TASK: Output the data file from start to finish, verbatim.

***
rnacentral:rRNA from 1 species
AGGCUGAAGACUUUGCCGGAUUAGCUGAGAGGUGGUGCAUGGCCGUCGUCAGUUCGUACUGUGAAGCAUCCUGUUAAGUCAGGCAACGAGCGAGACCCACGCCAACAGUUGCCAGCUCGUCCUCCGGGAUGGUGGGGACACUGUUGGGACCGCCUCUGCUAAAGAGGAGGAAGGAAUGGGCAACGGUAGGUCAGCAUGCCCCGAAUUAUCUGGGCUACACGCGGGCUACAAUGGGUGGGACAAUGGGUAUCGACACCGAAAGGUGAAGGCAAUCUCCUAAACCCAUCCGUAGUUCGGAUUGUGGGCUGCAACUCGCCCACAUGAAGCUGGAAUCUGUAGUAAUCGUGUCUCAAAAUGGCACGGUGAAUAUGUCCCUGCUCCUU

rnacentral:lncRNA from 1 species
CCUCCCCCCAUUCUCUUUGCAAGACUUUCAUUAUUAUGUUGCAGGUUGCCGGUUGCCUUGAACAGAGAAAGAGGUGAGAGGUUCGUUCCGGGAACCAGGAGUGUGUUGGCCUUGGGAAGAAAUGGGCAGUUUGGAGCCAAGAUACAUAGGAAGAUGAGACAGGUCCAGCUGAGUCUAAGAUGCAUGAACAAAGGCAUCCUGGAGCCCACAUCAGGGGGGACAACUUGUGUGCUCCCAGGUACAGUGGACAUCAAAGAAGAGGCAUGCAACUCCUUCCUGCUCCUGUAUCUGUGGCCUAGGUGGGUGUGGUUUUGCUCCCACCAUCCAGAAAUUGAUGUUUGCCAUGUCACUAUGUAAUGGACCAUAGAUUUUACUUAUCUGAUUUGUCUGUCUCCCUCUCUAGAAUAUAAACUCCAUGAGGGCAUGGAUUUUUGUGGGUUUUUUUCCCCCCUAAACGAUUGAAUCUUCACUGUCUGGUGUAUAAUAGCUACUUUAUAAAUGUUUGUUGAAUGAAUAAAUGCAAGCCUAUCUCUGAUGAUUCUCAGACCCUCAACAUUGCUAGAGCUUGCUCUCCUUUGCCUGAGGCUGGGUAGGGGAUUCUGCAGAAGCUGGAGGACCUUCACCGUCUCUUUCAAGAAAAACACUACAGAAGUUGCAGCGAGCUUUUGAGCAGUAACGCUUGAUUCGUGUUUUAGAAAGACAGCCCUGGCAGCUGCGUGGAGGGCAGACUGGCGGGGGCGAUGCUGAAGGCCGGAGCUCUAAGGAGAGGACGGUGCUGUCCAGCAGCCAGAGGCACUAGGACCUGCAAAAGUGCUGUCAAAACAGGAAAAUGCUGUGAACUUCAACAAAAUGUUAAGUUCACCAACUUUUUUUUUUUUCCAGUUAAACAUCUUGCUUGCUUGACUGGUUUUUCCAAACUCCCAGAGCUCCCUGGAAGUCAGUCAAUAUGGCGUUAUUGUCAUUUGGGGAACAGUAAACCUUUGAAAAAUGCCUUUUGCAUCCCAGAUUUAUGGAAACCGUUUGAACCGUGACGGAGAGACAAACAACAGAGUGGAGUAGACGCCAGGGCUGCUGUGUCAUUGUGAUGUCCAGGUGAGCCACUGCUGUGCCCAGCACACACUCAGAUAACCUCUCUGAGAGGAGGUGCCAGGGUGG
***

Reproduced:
rnacentral:rRNA from 1 species
AGGCUGAAGACUUUGCCGGAUUAGCUGAGAGGUGGUGCAUGGCCGUCGUCAGUUCGUACUGUGAAGCAUCCUGUUAAGUCAGGCAACGAGCGAGACCCACGCCAACAGUUGCCAGCUCGUCCUCCGGGAUGGUGGGGACACUGUUGGGACCGCCUCUGCUAAAGAGGAGGAAGGAAUGGGCAACGGUAGGUCAGCAUGCCCCGAAUUAUCUGGGCUACACGCGGGCUACAAUGGGUGGGACAAUGGGUAUCGACACCGAAAGGUGAAGGCAAUCUCCUAAACCCAUCCGUAGUUCGGAUUGUGGGCUGCAACUCGCCCACAUGAAGCUGGAAUCUGUAGUAAUCGUGUCUCAAAAUGGCACGGUGAAUAUGUCCCUGCUCCUU

rnacentral:lncRNA from 1 species
CCUCCCCCCAUUCUCUUUGCAAGACUUUCAUUAUUAUGUUGCAGGUUGCCGGUUGCCUUGAACAGAGAAAGAGGUGAGAGGUUCGUUCCGGGAACCAGGAGUGUGUUGGCCUUGGGAAGAAAUGGGCAGUUUGGAGCCAAGAUACAUAGGAAGAUGAGACAGGUCCAGCUGAGUCUAAGAUGCAUGAACAAAGGCAUCCUGGAGCCCACAUCAGGGGGGACAACUUGUGUGCUCCCAGGUACAGUGGACAUCAAAGAAGAGGCAUGCAACUCCUUCCUGCUCCUGUAUCUGUGGCCUAGGUGGGUGUGGUUUUGCUCCCACCAUCCAGAAAUUGAUGUUUGCCAUGUCACUAUGUAAUGGACCAUAGAUUUUACUUAUCUGAUUUGUCUGUCUCCCUCUCUAGAAUAUAAACUCCAUGAGGGCAUGGAUUUUUGUGGGUUUUUUUCCCCCCUAAACGAUUGAAUCUUCACUGUCUGGUGUAUAAUAGCUACUUUAUAAAUGUUUGUUGAAUGAAUAAAUGCAAGCCUAUCUCUGAUGAUUCUCAGACCCUCAACAUUGCUAGAGCUUGCUCUCCUUUGCCUGAGGCUGGGUAGGGGAUUCUGCAGAAGCUGGAGGACCUUCACCGUCUCUUUCAAGAAAAACACUACAGAAGUUGCAGCGAGCUUUUGAGCAGUAACGCUUGAUUCGUGUUUUAGAAAGACAGCCCUGGCAGCUGCGUGGAGGGCAGACUGGCGGGGGCGAUGCUGAAGGCCGGAGCUCUAAGGAGAGGACGGUGCUGUCCAGCAGCCAGAGGCACUAGGACCUGCAAAAGUGCUGUCAAAACAGGAAAAUGCUGUGAACUUCAACAAAAUGUUAAGUUCACCAACUUUUUUUUUUUUCCAGUUAAACAUCUUGCUUGCUUGACUGGUUUUUCCAAACUCCCAGAGCUCCCUGGAAGUCAGUCAAUAUGGCGUUAUUGUCAUUUGGGGAACAGUAAACCUUUGAAAAAUGCCUUUUGCAUCCCAGAUUUAUGGAAACCGUUUGAACCGUGACGGAGAGACAAACAACAGAGUGGAGUAGACGCCAGGGCUGCUGUGUCAUUGUGAUGUCCAGGUGAGCCACUGCUGUGCCCAGCACACACUCAGAUAACCUCUCUGAGAGGAGGUGCCAGGGUGG